Posted by in categories: biotech/medical, engineering, genetics, nanotechnology

Nanoengineers at the University of California San Diego have developed immune cell-mimicking nanoparticles that target inflammation in the lungs and deliver drugs directly where they’re needed. As a proof of concept, the researchers filled the nanoparticles with the drug dexamethasone and administered them to mice with inflamed lung tissue. Inflammation was completely treated in mice given the nanoparticles, at a drug concentration where standard delivery methods did not have any efficacy.

The researchers reported their findings in Science Advances on June 16.

What’s special about these is that they are coated in a cell membrane that’s been genetically engineered to look for and bind to inflamed . They are the latest in the line of so-called cell membrane-coated nanoparticles that have been developed by the lab of UC San Diego nanoengineering professor Liangfang Zhang. His lab has previously used cell membrane-coated nanoparticles to absorb toxins produced by MRSA; treat sepsis; and train the immune system to fight cancer. But while these previous cell membranes were naturally derived from the body’s , the cell membranes used to coat this dexamethasone-filled nanoparticle were not.

Jun 16, 2021

Synthetic protein lattices explained

Posted by in categories: bioengineering, biotech/medical, computing, nanotechnology, neuroscience

Check out my short video in which I explain some super exciting research in the area of nanotechnology: de novo protein lattices! I specifically discuss a journal article by Ben-Sasson et al. titled “Design of biologically active binary protein 2D materials”.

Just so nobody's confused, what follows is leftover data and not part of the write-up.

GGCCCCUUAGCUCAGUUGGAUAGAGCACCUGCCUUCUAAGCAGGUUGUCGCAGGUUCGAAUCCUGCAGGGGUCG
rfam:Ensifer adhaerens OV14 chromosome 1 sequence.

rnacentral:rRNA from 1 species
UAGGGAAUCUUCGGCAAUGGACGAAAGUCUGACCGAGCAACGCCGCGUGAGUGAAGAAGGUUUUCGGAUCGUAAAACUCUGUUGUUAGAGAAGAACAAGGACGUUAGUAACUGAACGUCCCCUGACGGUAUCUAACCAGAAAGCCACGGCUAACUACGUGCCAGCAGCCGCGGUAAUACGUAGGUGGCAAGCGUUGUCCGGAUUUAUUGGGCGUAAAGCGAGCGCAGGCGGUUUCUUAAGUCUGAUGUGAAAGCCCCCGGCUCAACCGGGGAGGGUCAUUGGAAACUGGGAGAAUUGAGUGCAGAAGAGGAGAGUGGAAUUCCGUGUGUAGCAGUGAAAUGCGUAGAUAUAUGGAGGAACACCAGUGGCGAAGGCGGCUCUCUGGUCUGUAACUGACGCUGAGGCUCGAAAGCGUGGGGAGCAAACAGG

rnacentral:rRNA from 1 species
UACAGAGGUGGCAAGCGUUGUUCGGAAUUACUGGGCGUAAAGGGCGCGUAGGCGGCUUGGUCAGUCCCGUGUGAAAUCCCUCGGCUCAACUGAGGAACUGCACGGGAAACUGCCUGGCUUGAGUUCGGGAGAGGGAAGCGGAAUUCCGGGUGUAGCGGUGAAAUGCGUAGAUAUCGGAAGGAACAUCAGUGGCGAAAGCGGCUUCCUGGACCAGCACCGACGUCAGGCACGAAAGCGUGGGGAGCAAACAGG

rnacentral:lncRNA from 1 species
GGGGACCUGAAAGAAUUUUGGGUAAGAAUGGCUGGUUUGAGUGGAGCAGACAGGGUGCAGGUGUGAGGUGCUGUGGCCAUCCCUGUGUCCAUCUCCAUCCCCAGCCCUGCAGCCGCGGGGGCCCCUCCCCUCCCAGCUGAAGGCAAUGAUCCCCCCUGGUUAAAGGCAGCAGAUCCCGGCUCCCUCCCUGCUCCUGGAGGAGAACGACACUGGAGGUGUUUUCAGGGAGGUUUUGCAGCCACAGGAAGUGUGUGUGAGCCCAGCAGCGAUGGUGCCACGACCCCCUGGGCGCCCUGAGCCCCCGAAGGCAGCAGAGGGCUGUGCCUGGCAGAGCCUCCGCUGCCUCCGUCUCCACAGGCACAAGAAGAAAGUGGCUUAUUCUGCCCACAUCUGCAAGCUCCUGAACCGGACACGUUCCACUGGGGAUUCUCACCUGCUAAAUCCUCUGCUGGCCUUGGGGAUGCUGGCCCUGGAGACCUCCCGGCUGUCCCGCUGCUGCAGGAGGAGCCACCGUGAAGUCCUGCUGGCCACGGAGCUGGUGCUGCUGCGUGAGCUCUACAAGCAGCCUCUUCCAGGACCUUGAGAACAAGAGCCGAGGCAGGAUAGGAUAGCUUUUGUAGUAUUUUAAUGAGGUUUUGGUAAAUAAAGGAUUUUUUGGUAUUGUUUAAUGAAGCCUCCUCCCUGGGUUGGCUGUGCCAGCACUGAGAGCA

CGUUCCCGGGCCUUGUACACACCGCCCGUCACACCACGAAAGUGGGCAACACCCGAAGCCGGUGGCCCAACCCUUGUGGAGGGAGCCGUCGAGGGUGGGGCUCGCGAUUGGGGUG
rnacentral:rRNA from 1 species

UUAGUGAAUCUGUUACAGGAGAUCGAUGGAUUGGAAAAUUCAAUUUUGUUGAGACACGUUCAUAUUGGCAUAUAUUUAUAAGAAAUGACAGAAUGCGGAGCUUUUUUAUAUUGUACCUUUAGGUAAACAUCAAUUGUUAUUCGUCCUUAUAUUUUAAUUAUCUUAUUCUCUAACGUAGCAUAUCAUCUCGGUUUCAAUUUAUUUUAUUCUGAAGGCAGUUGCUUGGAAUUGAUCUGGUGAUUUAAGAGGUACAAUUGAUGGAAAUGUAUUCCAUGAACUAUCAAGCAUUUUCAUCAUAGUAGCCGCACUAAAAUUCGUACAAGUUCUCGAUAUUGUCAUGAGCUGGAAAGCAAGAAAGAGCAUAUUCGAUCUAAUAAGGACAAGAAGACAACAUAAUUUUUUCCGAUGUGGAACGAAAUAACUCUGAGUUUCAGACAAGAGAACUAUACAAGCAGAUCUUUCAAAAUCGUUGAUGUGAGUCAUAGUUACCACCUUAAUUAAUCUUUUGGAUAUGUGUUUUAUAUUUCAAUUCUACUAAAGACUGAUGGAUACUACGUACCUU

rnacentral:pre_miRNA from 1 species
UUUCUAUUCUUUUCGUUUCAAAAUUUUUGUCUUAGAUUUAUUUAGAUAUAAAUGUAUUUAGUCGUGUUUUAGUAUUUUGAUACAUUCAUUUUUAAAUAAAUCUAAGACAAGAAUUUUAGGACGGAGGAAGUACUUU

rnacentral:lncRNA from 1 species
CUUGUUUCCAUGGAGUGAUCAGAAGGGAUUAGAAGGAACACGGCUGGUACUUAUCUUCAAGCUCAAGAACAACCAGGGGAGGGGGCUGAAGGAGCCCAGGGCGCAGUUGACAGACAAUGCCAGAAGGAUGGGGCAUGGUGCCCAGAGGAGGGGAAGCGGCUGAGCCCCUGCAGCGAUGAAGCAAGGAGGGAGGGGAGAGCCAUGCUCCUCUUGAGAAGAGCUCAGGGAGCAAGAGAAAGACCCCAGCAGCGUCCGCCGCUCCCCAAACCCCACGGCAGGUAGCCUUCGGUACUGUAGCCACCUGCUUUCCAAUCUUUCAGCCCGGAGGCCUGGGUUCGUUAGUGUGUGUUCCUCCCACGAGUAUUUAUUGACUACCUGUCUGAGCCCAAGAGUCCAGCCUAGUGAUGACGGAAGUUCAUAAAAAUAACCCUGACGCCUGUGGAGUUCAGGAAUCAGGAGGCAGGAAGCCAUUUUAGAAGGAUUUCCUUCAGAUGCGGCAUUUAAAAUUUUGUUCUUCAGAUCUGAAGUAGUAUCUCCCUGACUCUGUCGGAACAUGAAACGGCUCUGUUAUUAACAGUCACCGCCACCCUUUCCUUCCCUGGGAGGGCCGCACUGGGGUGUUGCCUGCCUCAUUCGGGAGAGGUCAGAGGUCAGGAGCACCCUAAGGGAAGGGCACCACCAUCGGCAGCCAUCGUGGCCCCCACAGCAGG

Here, I explain an exciting nanotechnology paper “Design of biologically active binary protein 2D materials” (

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Jun 16, 2021

Bioinspired, roughness-induced, water and oil super-philic and super-phobic coatings prepared

Posted by in categories: biotech/medical, nanotechnology

Circa 2015

Coatings that attract water (hydrophilic) are useful for anti-fogging applications6; any liquid water spreads out into a thin film thereby maintaining transparency. This is more favorable than using hydrophobic surfaces for anti-fogging as this requires a surface to be tilted for the droplets to roll off and transparency be maintained. Hydrophilic surfaces can also be used for self-cleaning7. Previous examples of superhydrophilic surfaces include the use of polymer–nanoparticle coatings8,9,10,11 however mechanical durability was not investigated.

Coatings with surface tensions lower than that of water (72 mN m–1) but higher than that of oils12 (20–30 mN m–1) will attract oils (oleophilic) but repel water and can be used to create oil–water separators13,14,15. When applied to a porous substrate, the coating will allow the passage of oil but block the passage of water, resulting in their separation. In addition, their water repellency also makes them ideal for self-cleaning4,16 and anti-icing17,18,19 applications. Anti-icing surfaces are typically superhydrophobic as supercooled droplets of water are able to roll off the cold surface before freezing and any ice formed is weakly adhered compared to hydrophilic surfaces due to an air cushion18,20.

Continue reading “Bioinspired, roughness-induced, water and oil super-philic and super-phobic coatings prepared” »